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(Hill 'n Holler staff photo)

(Hill ‘n Holler staff photo)

By Professor Guy Q Publix
Reliable weather data have existed by cooperative weather observers in Northern Arkansas since the late 1800’s. Mammoth Spring has reasonably complete records for the periods the professor is going to discuss.
The following analysis of prior cold weather events in our part of the country seems to boggle the mind since most winters produce only moderately cold temperatures and wintry precipitation. This has particularly been true, with a few exceptions, for the past three decades. So if you think last winter and this one were cold, cogitate on these figures for a balanced perspective.
February 1899, February 1905, December and January 1917-18, February 1951 and the winter of 1976-77 will be discussed by the cool professor. Material for this story was provided by National Oceanic and Atmospheric Administration (NOAA Climatic Data Center) and the Little Rock National Weather Service. Some enlightening links to official source material will be provided.
The extreme cold centering on February 1899 was probably the coldest period to engulf the Midwestern U.S. in at least 250 years — producing many temperatures records still standing. Harrison reached a minimum of -24 degrees F. during this outbreak of frigid weather. But February 1905 ran a close second, with the all-time cold state record of -29 degrees F. being set at Gravette.
Then comes the extended cold of December 1917 and January 1918. A minimum temperature of -21 degrees F. was reached in Mammoth Spring on Dec. 9, 1917. Snowfalls came at regular intervals for several weeks culminating with up to two feet of snow lying on the ground through late January 1918. Mammoth Spring experienced -23 degree F. on both the 12th and 13th. That will frost anybody’s fern — and one can only speculate this was responsible for the extinction of brass monkeys in Arkansas!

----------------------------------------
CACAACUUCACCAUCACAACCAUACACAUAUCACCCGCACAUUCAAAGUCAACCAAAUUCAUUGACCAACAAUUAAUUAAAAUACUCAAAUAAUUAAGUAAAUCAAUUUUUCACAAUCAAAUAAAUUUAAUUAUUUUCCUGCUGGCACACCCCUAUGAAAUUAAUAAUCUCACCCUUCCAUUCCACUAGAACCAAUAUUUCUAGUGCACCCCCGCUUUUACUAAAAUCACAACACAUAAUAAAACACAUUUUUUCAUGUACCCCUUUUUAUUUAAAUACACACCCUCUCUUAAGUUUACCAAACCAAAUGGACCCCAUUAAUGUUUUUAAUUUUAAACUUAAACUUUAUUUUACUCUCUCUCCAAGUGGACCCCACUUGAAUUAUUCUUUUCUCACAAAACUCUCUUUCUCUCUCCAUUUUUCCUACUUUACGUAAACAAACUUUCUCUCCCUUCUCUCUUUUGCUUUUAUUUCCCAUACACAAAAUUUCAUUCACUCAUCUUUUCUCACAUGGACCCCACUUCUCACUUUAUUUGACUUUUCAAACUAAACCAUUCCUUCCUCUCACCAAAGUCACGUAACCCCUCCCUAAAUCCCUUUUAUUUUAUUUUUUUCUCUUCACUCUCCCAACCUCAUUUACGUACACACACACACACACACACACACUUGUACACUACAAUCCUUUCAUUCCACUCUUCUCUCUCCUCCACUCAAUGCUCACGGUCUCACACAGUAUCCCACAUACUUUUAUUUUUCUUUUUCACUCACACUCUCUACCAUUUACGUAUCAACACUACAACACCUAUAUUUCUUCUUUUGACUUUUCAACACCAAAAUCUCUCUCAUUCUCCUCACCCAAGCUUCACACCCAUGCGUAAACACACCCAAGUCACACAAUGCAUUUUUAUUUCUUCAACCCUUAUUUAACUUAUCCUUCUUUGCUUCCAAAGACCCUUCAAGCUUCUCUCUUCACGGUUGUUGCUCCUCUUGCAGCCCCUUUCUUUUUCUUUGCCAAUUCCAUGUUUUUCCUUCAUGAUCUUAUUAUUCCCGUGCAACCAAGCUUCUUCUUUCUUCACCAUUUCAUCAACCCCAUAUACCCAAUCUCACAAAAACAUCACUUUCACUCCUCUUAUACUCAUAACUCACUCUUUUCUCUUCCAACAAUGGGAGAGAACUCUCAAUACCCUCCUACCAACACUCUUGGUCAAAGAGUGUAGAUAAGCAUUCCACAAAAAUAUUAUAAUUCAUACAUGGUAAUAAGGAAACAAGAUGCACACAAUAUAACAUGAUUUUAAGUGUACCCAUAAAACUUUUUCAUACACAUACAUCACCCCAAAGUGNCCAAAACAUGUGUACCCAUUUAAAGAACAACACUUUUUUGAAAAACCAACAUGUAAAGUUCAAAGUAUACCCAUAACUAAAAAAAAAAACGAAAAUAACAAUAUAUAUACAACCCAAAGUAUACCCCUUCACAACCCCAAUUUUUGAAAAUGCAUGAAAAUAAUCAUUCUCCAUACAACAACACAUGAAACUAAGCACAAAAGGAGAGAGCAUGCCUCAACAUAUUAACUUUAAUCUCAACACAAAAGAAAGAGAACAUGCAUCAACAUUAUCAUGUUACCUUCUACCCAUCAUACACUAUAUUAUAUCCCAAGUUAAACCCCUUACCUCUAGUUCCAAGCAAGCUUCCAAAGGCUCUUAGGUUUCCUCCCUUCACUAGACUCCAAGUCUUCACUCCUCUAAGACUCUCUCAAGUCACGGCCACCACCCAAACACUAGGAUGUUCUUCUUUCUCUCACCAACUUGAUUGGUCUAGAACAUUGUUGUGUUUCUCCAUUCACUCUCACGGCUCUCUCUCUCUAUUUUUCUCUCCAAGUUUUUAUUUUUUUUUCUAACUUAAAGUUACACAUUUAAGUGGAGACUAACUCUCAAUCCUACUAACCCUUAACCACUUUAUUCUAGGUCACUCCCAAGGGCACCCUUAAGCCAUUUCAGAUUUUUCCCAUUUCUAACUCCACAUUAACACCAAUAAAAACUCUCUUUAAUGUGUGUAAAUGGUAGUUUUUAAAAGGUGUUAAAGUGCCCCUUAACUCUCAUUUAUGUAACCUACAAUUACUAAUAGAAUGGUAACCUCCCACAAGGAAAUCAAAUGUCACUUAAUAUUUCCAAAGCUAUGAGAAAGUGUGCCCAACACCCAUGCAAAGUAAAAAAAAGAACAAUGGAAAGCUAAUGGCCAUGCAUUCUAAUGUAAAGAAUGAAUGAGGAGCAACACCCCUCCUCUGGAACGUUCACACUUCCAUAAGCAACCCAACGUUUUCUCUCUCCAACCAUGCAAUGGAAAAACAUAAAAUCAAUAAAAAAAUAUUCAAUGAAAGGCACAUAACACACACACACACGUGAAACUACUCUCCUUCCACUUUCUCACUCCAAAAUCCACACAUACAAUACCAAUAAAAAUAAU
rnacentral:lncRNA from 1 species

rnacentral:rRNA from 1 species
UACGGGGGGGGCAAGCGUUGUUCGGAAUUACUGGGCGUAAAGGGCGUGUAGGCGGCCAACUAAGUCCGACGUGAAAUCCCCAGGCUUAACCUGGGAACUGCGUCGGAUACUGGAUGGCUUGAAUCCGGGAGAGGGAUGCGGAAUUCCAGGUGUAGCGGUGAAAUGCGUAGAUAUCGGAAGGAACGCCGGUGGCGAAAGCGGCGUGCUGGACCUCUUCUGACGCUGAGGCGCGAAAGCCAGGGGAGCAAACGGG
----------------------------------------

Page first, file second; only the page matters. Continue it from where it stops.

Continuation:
Early February 1951 was another instance of North Arkansas cold. Mammoth Spring’s minimum temperature was -24 degrees F. on Feb. 2, 1951. January 1977 saw more than a foot of snow in many areas of North Arkansas, with Yellville falling to -20 degrees F.
Because Professor Guy believes brevity is the soul of wit, some other cold hits have been omitted. If you wish to visit a link outlining these and other statewide wintry events visit www.srh.noaa.gov/lzk/?n=pns010914txt.htm – or another interesting link provided by the Little Rock National Weather Service giving statewide highlights of significant weather events for every day of the year go to www.srh.noaa.gov/lzk/?n=onthisday.htm.

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